Nature: The rationalist believes in the use of reason rather than experience of spiritual revelation and sense experience to define knowledge. The use of rational methods may not be successful for understanding much in the life of the spirit and in human history (such as subconscious processes of the human mind), and therefore it is a limited instrument of knowledge.
Claim: Attributes to natural reason a knowledge which only the light of faith could confer. (Papal Encyclical, Laborem Exercens, 14 September 1981).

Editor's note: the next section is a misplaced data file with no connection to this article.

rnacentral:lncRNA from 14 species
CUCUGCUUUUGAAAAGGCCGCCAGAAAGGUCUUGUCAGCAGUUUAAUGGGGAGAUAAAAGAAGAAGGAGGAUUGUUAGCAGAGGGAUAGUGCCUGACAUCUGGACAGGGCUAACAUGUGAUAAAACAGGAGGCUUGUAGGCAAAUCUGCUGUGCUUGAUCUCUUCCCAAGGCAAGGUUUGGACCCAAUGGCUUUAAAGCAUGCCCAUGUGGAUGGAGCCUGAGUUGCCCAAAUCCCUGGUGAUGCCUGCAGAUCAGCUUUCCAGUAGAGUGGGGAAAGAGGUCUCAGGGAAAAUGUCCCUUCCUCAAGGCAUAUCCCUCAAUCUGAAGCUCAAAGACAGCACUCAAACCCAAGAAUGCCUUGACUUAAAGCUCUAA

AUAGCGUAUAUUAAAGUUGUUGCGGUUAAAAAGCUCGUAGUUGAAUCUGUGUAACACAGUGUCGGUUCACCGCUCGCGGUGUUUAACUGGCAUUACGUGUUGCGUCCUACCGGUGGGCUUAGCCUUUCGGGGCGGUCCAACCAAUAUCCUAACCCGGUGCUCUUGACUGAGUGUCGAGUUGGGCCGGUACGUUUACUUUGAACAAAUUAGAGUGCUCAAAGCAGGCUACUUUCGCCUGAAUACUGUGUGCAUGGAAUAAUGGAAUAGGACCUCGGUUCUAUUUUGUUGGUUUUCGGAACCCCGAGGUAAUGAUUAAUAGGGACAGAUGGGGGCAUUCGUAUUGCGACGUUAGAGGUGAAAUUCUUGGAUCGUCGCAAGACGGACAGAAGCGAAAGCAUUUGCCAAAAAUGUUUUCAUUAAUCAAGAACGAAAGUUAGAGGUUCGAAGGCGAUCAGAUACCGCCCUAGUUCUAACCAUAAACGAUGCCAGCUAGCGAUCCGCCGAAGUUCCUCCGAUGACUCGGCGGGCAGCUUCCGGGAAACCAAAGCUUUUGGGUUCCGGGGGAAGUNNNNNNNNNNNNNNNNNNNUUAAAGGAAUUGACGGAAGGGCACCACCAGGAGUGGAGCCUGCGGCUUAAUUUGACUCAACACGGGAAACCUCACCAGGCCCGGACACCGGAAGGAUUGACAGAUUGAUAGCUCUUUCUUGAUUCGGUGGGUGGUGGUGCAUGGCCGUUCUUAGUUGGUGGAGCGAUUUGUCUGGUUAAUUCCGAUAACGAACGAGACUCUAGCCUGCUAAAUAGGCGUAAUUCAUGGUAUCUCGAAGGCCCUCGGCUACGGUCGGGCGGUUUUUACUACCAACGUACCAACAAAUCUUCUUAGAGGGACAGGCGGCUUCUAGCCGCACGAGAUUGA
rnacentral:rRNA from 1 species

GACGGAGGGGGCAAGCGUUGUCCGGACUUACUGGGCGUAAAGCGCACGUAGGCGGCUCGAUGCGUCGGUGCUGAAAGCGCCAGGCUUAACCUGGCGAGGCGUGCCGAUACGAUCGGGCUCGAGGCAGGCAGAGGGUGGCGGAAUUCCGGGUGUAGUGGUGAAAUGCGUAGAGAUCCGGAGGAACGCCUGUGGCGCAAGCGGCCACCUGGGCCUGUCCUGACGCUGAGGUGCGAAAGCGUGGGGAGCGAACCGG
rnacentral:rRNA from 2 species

Counter Claim: There exists no Supreme, all-wise, all-provident Divine Being, distinct from the universe, and God is identical with the nature of things, and is, therefore, subject to changes. In effect, God is produced in man and in the world, and all things are God and have the very substance of God, and God is one and the same thing with the world, and, therefore, spirit with matter, necessity with liberty, good with evil, justice with injustice. (Papal Allocution Maxima Quidem, 9 June 1862).
Problem Type: F: Fuzzy exceptional problems
Date of last update 02.12.2017 – 06:21 CET